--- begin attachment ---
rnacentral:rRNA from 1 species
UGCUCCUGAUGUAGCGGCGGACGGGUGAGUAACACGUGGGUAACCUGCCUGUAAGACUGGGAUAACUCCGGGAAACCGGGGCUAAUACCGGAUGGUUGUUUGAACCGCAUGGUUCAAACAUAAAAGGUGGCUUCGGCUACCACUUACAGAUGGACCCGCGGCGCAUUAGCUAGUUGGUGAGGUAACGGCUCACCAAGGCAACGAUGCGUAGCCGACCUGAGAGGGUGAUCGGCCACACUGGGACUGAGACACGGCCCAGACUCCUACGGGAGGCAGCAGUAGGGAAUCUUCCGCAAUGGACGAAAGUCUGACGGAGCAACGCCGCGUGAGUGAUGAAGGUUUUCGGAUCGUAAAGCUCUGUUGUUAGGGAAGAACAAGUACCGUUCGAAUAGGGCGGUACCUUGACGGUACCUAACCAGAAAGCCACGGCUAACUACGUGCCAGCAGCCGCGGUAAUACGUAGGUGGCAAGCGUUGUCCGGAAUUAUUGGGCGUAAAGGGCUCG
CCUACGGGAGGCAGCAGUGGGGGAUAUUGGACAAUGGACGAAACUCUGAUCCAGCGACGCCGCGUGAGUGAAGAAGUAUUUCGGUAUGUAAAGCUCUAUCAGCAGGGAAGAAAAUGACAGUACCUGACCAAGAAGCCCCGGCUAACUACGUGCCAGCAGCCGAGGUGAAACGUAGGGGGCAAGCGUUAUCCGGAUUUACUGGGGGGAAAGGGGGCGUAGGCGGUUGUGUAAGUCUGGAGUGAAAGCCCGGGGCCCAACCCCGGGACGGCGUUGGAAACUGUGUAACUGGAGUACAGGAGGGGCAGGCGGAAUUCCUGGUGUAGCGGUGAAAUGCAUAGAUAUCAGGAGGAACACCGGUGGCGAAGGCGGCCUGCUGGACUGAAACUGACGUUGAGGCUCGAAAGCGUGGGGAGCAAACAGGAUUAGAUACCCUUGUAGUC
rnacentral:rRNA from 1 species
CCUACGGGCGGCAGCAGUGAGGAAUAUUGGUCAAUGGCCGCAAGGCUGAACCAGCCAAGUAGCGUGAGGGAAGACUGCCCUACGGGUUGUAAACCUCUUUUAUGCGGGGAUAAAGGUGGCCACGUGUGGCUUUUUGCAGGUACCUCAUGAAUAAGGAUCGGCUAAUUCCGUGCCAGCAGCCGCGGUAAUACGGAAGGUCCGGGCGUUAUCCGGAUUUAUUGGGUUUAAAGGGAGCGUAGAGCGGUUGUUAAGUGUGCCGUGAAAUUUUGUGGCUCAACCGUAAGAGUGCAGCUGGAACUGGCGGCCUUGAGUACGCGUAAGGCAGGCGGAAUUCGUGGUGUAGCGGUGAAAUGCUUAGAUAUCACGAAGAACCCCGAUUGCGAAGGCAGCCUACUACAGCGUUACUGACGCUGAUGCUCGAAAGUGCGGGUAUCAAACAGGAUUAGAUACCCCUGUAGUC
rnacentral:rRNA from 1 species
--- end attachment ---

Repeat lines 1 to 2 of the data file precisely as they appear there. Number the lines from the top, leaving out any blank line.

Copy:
rnacentral:rRNA from 1 species
UGCUCCUGAUGUAGCGGCGGACGGGUGAGUAACACGUGGGUAACCUGCCUGUAAGACUGGGAUAACUCCGGGAAACCGGGGCUAAUACCGGAUGGUUGUUUGAACCGCAUGGUUCAAACAUAAAAGGUGGCUUCGGCUACCACUUACAGAUGGACCCGCGGCGCAUUAGCUAGUUGGUGAGGUAACGGCUCACCAAGGCAACGAUGCGUAGCCGACCUGAGAGGGUGAUCGGCCACACUGGGACUGAGACACGGCCCAGACUCCUACGGGAGGCAGCAGUAGGGAAUCUUCCGCAAUGGACGAAAGUCUGACGGAGCAACGCCGCGUGAGUGAUGAAGGUUUUCGGAUCGUAAAGCUCUGUUGUUAGGGAAGAACAAGUACCGUUCGAAUAGGGCGGUACCUUGACGGUACCUAACCAGAAAGCCACGGCUAACUACGUGCCAGCAGCCGCGGUAAUACGUAGGUGGCAAGCGUUGUCCGGAAUUAUUGGGCGUAAAGGGCUCG